California has big plans for hydrogen fueled vehicles in the coming years as part of its effort to reduce greenhouse gas emissions and fight climate change.
If your high school chemistry didn’t stick, here are some hydrogen facts: Sitting first on the periodic table, it’s the most abundant element in the universe, the raw material responsible for thermonuclear reactions in stars, including our sun. And, of course, when you combine hydrogen with oxygen you get water. It’s hydrogen after all that’s the “H” in H20.
If you use hydrogen as a fuel in fuel cell vehicles no pollution is created as the cars are driven. Without going too deep into the science and engineering, fuel cell cars combine hydrogen in their tanks with oxygen to produce electricity that powers an electric motor that propels the car forward. The only “emission” that comes out of the tailpipe is a few puffs of water vapor, not carbon monoxide, sulphur dioxide and soot. That, the thinking goes, will make hydrogen-fueled cars attractive to drivers who want to contribute to reducing greenhouse gases and who love adopting new technologies early.
Hydrogen cars also enjoy a distinct advantage over plug-in electric cars when it comes to range. Cars fueled by hydrogen can travel about as many miles as gasoline fueled vehicles do on a full tank. That’s way more distance than most electric cars, which often need to recharge their batteries before they’ve traveled a 100 miles from the home or office.
But there’s a big roadblock in the way of hydrogen cars in California. With only nine hydrogen fueling stations in the state, there are few places for them to fill up with hydrogen. Unless more stations are built, hydrogen car drivers like Loki Efaw say it will be difficult to make the cars mainstream. “And so we have the chicken and the egg problem,” says Efaw. “How do you sell more hydrogen fueled cars when there’s no place to get fuel.”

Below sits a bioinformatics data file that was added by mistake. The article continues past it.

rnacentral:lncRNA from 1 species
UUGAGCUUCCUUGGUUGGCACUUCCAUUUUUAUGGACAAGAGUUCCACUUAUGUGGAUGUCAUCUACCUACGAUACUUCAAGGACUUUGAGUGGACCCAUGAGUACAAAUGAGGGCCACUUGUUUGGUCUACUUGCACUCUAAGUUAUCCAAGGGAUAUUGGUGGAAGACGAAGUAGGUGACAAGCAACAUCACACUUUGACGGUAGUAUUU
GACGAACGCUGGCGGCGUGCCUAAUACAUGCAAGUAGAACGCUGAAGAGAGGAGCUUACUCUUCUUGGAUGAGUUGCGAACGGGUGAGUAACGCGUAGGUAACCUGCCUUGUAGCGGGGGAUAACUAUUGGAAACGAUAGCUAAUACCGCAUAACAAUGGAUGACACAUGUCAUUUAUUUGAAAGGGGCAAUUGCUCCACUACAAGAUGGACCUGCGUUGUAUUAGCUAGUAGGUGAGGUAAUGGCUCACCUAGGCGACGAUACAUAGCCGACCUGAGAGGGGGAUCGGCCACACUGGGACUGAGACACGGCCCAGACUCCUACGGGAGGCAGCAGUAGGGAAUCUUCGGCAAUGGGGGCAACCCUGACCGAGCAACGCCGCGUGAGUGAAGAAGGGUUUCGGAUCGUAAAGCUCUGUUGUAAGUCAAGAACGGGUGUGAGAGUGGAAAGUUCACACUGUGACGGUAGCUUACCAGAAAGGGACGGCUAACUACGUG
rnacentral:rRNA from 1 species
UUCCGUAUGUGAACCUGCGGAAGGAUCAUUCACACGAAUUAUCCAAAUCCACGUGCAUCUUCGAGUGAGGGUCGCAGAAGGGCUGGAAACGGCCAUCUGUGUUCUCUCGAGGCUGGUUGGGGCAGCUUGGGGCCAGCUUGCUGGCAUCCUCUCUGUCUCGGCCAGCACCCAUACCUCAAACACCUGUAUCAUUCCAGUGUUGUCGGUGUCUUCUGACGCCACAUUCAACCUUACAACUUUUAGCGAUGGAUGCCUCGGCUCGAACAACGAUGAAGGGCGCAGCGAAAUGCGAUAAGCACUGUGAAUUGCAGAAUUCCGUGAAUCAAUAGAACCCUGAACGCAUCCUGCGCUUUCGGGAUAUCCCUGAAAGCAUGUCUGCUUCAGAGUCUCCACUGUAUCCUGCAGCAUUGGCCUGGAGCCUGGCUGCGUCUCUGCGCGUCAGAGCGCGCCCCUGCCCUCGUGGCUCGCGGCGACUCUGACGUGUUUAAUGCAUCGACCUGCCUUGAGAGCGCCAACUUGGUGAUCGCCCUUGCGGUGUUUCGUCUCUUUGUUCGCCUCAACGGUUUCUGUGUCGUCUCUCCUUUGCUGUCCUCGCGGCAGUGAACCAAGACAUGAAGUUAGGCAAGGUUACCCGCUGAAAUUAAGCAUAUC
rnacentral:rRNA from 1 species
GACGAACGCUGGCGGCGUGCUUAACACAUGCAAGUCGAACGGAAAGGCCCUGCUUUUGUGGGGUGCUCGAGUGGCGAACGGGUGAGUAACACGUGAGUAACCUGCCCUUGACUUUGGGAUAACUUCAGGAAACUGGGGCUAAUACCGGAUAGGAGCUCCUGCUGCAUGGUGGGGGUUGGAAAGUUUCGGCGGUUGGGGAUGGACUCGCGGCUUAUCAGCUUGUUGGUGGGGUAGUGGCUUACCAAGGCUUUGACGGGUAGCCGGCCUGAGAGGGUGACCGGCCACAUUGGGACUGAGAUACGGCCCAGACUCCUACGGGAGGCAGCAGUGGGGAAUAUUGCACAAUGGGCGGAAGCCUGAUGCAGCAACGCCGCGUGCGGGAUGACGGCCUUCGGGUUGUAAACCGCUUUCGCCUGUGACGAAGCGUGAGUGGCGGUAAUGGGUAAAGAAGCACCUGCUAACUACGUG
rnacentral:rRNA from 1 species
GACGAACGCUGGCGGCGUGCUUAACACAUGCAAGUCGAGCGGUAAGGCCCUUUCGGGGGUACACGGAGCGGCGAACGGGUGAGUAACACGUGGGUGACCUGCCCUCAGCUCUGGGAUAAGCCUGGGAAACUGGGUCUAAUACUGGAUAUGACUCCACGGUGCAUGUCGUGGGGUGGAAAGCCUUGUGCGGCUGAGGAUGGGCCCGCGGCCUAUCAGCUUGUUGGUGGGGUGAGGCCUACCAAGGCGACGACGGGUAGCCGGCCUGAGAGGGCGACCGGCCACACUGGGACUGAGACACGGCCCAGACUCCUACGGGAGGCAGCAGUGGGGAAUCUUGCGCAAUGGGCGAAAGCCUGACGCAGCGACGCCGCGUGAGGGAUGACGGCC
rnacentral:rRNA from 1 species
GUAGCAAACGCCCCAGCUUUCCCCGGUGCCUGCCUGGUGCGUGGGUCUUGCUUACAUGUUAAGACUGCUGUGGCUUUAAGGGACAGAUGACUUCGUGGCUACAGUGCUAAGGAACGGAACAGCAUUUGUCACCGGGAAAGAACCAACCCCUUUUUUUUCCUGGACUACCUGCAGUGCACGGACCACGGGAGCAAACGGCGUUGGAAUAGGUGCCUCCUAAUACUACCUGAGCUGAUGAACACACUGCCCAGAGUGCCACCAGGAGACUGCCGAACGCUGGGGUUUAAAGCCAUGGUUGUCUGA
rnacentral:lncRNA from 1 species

But California has a developed a hydrogen infrastructure roadmap to solve that problem. Earlier this year, the California Energy Commission approved spending $46 million on building dozens of hydrogen fueling stations in the state, with most of them concentrated around Los Angeles and the Bay Area.
And that’s just the beginning of the state’s plans for hydrogen, says Bill Elrick, exeuctive director of the California Fuel Cell Partnership, which represents public agencies and private companies promoting hydrogen in the Golden State. “Once we get 50 to 100 stations,” says Elrick, “we need to start expanding that so that it becomes hundreds, so that we can reach more and more people with every station that comes online.”
These plans go back over a decade. Former Governor Arnold Schwarzenegger, famous for driving a hydrogen-powered Hummer dreamed of building a “Hydrogen Highway” in California and beyond. He envisioned Sacramento partnering with leaders in other states and Canada to build hydrogen fueling stations all along the West Coast. But many of those ambitious plans withered because of the sheer expense of building hydrogen infrastructure.
As California embarks on creating a scaled back version of the “Hydrogen Highway”, critics of the technology, many of whom are environmentalists, are concerned. They note that since a lot of hydrogen is produced from natural gas, it’s not as clean and green as it seems. They also wonder why California should spend money developing a hydrogen fueling infrastructure from scratch, when battery technology for plug-in electric cars is improving and the country is already wired for electricity.
“Electricity starts out with one huge advantage, which is pretty much the whole country is electrified,” says Joseph Romm, author of the “Hype About Hydrogen” and a former official in the U.S. Energy Department during the Clinton Administration. “Whereas hydrogen is an unusual chemical, other than a few places in the country there is not hydrogen near you within one hundred miles,” says Romm. He would much rather California spend its money supporting plug-in electric vehicles than going down the hydrogen road.
But state officials and business interests promoting hydrogen say both plug-in electric vehicles and hydrogen powered cars need to both be on California’s roads if the state is going to meet its greenhouse gas reduction targets. Costs, they say, will come down as more hydrogen stations are built. They also promise that a big segment of the driving public will choose the cars as more automobile companies, like Toyota, start selling hydrogen-fueled cars.
Listen below for more as we visit a handful of hydrogen fueling stations in the state.